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What you need to know for 01/20/2018

Union’s successful penalty kill complements power play

Union’s successful penalty kill complements power play

When it comes to Union’s special teams, the main focus has been on its power play, which has been on

When it comes to Union’s special teams, the main focus has been on its power play, which has been one of the best in the country for the past three seasons.

But the other half of the Dutchmen’s special teams is emerging as a force, too.

Union’s penalty killing has been spectacular this season. It’s tied with ECAC Hockey foe Quinn­ipiac for second in the country, killing off penalties at a 91.2 percent (93-for-102) clip.

The 18th-ranked Dutchmen (6-4-3 ECACH, 13-8-4 overall) look to continue their penalty killing success when they face No. 16 Dartmouth (7-5-1, 11-7-2) tonight at 7:30 at Messa Rink in a game that will be televised nationally by NBC Sports Network.

Union has allowed just nine power-play goals this season, and has not given up more than one in a game. Only one time this season have the Dutchmen surrendered power-play goals in consecutive games, the second and third contests of the year at Bowling Green in October.

“It’s something that we work on every week,” said Union senior center Kyle Bodie, one of the key members of the penalty kill who leads the team with two short-handed goals. “The guys have bought into the system that has been in place for two years now. We’ve got guys on the PK who have been in that situation before. We’ve got enough guys on this team that, when we get into penalty trouble, we’re not tiring everyone out.”

Only New Hampshire’s penalty kill (71-for-76, 93.4 percent) is better than the Dutchmen’s. Union coach Rick Bennett gives credit to assistant coaches Joe Dumais and Jason Tapp, who work on the penalty kill with the players.

“Jason Tapp and Joe Dumais have done an excellent job of it,” Bennett said. “It’s amazing when you let people do their jobs and let them work. They’ve got those guys buying in. Possibly the best thing in the world is me keeping my hands out of it. It’s been working out well. The players deserve a lot of the credit for working hard at it.”

Much like when the Dutchmen get a stick on a shot to block it on the power play, Dumais deflects the credit.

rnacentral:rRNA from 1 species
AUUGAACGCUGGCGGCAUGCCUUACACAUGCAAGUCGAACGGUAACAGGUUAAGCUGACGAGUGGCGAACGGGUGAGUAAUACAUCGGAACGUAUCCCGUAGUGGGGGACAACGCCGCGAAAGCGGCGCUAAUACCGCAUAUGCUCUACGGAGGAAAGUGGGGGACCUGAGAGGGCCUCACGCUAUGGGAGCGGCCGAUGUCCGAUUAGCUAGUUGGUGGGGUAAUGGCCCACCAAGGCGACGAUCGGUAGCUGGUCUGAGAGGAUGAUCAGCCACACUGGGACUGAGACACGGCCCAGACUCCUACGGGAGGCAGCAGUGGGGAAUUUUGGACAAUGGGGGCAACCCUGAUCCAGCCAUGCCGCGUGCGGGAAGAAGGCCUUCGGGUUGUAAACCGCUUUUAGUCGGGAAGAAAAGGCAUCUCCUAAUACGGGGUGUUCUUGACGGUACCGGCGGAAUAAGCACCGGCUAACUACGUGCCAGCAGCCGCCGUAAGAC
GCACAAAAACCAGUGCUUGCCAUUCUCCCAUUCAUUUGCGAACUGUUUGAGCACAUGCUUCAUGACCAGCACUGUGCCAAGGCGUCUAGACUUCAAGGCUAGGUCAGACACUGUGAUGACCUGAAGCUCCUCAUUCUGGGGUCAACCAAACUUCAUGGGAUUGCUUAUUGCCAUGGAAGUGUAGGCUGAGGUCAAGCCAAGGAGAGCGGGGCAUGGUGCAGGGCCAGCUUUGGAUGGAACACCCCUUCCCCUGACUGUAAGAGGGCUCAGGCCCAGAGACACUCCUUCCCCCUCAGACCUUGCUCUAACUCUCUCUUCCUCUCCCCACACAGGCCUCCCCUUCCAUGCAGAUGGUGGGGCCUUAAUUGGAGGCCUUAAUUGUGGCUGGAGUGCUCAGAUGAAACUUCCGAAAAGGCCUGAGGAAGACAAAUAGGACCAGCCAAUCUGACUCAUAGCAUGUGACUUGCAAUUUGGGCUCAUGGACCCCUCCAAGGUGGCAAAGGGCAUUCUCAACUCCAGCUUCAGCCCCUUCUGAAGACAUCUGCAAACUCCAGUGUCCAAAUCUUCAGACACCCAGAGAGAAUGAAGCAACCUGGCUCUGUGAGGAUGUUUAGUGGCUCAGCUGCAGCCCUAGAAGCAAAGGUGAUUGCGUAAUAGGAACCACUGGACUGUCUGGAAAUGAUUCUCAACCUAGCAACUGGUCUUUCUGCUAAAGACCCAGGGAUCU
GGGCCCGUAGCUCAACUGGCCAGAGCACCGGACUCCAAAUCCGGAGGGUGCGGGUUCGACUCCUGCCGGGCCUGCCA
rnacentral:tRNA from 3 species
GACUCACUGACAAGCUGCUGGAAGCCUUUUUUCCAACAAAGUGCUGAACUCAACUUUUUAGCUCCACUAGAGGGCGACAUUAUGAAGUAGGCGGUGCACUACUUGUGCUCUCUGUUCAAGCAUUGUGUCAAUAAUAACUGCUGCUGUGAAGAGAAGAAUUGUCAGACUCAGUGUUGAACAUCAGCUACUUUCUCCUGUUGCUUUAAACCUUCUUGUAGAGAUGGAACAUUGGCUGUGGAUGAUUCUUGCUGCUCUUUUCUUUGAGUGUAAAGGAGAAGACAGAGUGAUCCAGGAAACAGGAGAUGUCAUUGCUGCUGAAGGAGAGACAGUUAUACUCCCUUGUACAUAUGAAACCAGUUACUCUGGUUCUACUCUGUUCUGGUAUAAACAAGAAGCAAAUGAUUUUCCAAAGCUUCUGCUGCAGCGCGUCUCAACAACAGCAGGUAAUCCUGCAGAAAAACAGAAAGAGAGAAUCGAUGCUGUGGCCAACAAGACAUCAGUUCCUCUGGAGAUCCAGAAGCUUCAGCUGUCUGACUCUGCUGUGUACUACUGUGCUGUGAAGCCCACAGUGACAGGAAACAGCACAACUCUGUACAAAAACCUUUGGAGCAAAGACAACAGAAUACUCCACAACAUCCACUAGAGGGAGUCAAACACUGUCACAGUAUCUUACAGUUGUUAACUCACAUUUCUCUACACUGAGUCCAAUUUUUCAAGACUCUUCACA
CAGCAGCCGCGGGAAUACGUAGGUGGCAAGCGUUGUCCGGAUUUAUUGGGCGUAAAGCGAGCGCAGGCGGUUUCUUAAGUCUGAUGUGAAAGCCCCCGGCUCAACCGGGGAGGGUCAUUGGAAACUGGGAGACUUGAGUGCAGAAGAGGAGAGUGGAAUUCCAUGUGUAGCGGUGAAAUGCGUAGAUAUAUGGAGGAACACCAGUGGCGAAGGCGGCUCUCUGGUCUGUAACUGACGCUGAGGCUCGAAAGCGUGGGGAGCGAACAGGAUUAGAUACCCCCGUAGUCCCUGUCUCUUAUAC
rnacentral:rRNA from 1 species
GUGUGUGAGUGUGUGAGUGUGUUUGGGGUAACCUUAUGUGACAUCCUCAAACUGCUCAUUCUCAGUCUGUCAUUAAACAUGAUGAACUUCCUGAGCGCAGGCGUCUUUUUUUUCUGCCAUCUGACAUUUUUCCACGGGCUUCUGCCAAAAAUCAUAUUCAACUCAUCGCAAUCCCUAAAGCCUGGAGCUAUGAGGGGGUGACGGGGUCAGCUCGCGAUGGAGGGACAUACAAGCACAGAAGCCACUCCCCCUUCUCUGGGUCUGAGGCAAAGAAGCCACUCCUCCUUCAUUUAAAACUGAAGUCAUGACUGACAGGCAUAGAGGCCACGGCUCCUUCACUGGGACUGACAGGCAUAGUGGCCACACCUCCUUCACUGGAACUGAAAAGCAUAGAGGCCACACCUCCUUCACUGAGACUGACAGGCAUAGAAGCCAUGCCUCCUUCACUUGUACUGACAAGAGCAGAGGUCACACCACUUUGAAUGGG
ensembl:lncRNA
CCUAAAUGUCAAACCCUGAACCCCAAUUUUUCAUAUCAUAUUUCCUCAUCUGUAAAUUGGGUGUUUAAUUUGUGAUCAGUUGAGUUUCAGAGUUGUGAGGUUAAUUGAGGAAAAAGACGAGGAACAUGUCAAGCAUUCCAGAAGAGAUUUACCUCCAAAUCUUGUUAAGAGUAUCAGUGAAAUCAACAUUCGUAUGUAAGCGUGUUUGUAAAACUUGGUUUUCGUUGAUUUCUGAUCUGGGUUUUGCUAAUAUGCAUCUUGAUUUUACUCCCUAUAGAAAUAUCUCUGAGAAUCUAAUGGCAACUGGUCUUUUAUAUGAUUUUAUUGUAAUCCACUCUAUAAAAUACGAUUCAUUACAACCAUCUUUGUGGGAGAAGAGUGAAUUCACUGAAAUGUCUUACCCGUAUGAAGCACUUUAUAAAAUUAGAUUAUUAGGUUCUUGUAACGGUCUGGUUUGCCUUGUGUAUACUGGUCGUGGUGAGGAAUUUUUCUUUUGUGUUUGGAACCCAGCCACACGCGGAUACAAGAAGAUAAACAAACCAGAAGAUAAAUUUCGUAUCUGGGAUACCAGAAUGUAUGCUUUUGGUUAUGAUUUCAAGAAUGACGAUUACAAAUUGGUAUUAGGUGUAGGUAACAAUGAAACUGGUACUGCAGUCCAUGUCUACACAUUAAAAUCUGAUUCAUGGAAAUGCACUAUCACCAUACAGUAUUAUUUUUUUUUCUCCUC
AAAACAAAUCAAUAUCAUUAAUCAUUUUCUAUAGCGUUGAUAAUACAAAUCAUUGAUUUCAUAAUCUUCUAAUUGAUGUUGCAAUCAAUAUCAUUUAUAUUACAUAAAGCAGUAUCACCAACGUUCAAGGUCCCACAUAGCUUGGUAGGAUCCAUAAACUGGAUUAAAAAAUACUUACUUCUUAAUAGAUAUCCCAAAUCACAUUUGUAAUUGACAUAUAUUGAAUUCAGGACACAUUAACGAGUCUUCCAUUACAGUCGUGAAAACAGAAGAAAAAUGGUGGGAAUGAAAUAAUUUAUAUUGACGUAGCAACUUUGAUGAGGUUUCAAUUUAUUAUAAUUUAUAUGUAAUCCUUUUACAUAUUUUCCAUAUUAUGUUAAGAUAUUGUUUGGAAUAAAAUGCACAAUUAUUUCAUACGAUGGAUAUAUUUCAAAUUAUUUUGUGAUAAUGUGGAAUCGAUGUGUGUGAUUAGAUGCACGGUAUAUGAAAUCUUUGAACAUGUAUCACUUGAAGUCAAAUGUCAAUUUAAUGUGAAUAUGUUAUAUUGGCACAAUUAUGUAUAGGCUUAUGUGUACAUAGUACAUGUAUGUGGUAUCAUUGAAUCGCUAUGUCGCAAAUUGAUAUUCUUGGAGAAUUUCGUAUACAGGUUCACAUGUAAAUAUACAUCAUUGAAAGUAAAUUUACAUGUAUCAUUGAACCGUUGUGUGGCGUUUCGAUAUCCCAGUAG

“I don’t think anything’s changed,” said Dumais, who is in his second season as an assistant coach at Union. “They’ve been running the same PK for years here. It comes down to goaltending and players. Our guys are making plays, and our goaltenders are making saves right now. Our guys are making some good reads.”

Union junior forward Daniel Carr, another one of the Dutchmen penalty killers, said the team takes pride in shutting down the opposition’s power play.

“Penalty killing is one of those keys to your team,” Carr said. “It’s an identity. We try to be a hard-working team, and that shows in our penalty kill. But a lot of credit has to go to coach Dumais, who runs our penalty kill. He does a great job of letting us make reads out there.”

The Dutchmen’s power play leads the country at 26.3 percent (31-for-118). If Union can finish the season leading the nation in power plays and penalty kills, it would become the first team to do that since Cornell in 2004-05.

“Our special teams have both been great,” Union goalie Troy Grosenick said. “We worked a lot on it in practice, and it paid off for us. The penalty kill has been doing a great job keeping most of the shots to the outside and letting me see the puck. That’s the key on the PK.

“It’s always nice when we’re able to blow up their forecheck before they get into the zone. That’s something we pride ourselves on and getting pucks out. Overall, the PK has done a great job.”

Grosenick stopped 15 power-play shots, including 11 in the first per­iod, in last Saturday’s 3-2 win over Rensselaer Polytechnic Institute in the Mayor’s Cup game.

“Their special teams are the best in the country for a reason,” RPI coach Seth Appert said. “They do a great job with it. They execute at a high level. They win stick battles in both units. That’s a real key.”


RPI will seek to move up in the league standings while putting some distance between it and Harvard when it hosts the Crimson tonight at 7 at Houston Field House.

The Engineers (3-6-3, 8-11-5) are in 11th place, but just a point out of the final ECACH tournament spot for home ice in the first round. They are three points ahead of the struggling Crimson (3-11, 5-13-1), who are 1-11-1 in their last 13 games.

RPI dropped a 4-0 decision to Harvard at Bright Hockey Center on Nov. 10.

“It’s a one-game weekend for them,” Appert said. “Certainly, they want to catch us in the standings and gain some points. They have pride over there, just like we do and everybody else does. I’m sure they don’t like the situation they’re in. They’ve got guys out of the lineup with injuries and guys suspended.

“In that Union game [last Tuesday], I thought they battled their tails off and put themselves in great position to win a game on the road. . . . I think you’re going to see a team playing very hard for each other.”

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